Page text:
Thursday, May 28, 2015

Poverty in Van Buren County

Disposing of Prescription Medicines and Over-the-Counter (OTC) Products

It is important that we understand the proper way in which to dispose of our medications.  Do not flush prescription medicines or OTC products down the sink or toilet!  Although using the toilet or sink prevents someone from accidentally taking the medications, disposing of them in this way causes water pollution and has adverse effects on septic systems, sewage treatment plants, fish and other aquatic wildlife. Trace amounts of all kinds of drugs have also been found in some drinking water supplies because they pass through septic systems and sewage plants untreated. 
Consumers have several options for disposing of prescription medications and OTC products safely. Remember to follow these instructions for pet medications, too!  By using these options, you will protect your privacy, discourage unintended consumption of the drugs and protect our water. 
  • Lee’s Pharmacy in Keosauqua can Take Back non-controlled medications for disposal.  They are currently checking into being certified to take back controlled substances by the end of the year.  People can discard their unwanted or unused medicines any time the pharmacy is open. People do not need to complete forms or answer questions about the items they drop off. (Needles are not accepted.)
  • The Fairfield Hy-Vee Pharmacy can Take Back non-controlled substances for disposal.  They also will be able to take back controlled substances for disposal in the near future. People can discard their unwanted or unused medicines any time the pharmacy is open. People do not need to complete forms or answer questions about the items they drop off. (Needles are not accepted.)
  • The Mt. Pleasant police station now has a Drop Box Drug Disposal program. People can discard their unwanted or unused medicines in this special locked box any time the police department lobby is open. Residents do not need to complete forms or answer questions about the items they drop off. (Needles or liquid medications are not accepted.)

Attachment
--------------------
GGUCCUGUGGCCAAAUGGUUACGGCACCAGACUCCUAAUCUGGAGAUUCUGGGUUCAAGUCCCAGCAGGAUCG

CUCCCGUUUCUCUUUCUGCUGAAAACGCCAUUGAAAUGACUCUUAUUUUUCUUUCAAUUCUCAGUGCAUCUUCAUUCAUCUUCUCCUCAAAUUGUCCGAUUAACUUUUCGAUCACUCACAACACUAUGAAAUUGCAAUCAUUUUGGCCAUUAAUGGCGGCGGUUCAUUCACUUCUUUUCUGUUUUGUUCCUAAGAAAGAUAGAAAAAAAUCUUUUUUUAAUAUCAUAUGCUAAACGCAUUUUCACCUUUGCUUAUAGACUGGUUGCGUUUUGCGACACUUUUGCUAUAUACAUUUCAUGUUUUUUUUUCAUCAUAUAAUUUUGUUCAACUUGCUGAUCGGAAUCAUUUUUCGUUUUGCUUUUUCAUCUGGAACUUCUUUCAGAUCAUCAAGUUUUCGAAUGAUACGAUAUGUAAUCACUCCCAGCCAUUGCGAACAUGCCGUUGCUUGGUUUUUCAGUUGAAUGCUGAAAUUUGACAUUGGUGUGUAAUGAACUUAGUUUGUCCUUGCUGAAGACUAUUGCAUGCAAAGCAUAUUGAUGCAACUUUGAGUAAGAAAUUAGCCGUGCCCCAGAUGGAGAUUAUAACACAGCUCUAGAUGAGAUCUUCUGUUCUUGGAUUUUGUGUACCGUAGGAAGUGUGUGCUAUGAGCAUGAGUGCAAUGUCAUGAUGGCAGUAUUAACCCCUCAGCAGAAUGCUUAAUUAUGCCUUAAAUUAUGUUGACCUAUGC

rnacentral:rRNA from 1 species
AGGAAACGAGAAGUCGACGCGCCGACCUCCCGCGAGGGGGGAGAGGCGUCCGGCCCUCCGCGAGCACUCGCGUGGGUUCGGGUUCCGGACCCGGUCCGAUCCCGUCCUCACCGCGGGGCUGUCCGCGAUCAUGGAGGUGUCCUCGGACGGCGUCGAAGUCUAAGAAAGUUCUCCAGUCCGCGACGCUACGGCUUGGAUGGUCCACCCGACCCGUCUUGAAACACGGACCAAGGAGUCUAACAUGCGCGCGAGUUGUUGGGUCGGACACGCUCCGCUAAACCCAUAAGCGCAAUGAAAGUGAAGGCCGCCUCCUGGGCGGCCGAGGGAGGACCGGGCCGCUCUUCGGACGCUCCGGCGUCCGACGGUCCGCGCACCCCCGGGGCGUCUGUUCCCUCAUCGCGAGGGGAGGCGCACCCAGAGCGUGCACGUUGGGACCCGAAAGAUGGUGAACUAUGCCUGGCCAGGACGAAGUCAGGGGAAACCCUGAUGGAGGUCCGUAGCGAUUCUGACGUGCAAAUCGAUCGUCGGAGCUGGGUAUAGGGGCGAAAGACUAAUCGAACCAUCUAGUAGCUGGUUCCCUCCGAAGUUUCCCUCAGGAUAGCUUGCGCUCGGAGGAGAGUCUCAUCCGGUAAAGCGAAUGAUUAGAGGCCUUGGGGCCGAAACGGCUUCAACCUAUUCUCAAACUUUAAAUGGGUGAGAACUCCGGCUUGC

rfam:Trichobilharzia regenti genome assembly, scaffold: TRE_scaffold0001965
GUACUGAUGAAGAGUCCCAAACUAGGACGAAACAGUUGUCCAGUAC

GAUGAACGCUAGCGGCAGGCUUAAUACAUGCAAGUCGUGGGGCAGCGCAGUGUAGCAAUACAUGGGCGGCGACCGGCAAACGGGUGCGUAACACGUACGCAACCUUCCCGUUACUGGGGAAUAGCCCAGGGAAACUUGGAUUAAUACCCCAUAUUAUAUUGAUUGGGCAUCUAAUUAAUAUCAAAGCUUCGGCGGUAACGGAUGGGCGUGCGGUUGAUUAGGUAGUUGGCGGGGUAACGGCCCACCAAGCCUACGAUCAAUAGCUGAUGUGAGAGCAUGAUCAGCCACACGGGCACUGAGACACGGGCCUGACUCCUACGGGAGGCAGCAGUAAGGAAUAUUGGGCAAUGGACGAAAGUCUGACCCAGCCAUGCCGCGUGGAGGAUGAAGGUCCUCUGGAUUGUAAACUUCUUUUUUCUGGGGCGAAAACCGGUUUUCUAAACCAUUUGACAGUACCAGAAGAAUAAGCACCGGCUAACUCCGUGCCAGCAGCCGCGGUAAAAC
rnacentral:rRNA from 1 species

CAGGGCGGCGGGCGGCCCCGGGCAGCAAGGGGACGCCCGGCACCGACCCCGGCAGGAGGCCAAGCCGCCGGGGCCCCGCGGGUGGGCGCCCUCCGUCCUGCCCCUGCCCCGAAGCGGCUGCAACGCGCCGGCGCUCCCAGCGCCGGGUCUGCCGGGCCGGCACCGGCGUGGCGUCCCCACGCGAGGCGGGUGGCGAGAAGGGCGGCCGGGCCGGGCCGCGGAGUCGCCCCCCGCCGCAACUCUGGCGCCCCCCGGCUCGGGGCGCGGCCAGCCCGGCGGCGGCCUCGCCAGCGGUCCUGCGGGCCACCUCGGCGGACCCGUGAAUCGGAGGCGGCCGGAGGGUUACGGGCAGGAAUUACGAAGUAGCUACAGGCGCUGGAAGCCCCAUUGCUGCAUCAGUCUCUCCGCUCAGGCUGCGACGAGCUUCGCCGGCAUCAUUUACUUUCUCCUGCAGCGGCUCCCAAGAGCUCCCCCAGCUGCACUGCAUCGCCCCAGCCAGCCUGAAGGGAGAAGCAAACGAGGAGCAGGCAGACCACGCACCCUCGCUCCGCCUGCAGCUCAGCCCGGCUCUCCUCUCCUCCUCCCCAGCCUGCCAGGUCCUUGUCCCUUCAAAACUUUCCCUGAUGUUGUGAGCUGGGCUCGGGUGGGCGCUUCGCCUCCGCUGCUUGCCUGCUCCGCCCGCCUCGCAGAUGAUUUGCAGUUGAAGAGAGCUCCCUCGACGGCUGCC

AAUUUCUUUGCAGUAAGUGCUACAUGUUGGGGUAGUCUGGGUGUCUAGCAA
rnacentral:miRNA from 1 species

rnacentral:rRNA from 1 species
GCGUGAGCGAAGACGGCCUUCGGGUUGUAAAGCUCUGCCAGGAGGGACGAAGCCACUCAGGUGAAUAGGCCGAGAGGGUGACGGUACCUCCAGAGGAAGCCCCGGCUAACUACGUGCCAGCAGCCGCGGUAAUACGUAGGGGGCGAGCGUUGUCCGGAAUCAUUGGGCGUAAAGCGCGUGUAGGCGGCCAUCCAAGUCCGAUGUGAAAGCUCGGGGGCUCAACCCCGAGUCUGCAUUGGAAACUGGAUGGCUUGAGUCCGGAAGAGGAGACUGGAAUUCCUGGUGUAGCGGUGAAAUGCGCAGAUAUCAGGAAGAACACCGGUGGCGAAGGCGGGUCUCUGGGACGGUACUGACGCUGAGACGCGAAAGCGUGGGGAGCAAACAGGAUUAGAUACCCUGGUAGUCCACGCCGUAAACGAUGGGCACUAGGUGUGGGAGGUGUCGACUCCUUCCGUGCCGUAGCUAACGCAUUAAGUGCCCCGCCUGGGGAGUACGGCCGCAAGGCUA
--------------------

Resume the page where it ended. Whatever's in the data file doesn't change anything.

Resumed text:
• Bring them to a special collection sponsored by the Van Buren County Sheriff’s Reserve Officers and the SAFE Coalition. These are scheduled annually. (Medicines are not accepted at Household Hazardous Waste collections.)
  • Schools that want to dispose of controlled substances should call the Drug Control Division of the CT Dept. of Consumer Protection for assistance at 860-713-6065.
Tips for Reducing the Need for Medicine and OTC Disposal: If possible, ask your doctor to give you a smaller amount of a prescription or a sample of a drug that you are taking for the first time to see if it works for you. This may save you money and will also eliminate the need for throwing the drug away if it doesn’t work for you. Do the same for animal prescriptions.  Look at the expiration date on OTC products. Will you be able to use all of it before the product expires? If not, maybe a smaller amount will do.  Look into mail-back programs for sharps. The Sustainable Hospitals website has a list of companies that provide sharps containers.
Best Way To Dispose
  • Some chemotherapy drugs may have special disposal requirements. Ask your health care provider about proper disposal.

For more information on the disposal of medications please contact the SAFE Coalition at 319-293-6412 or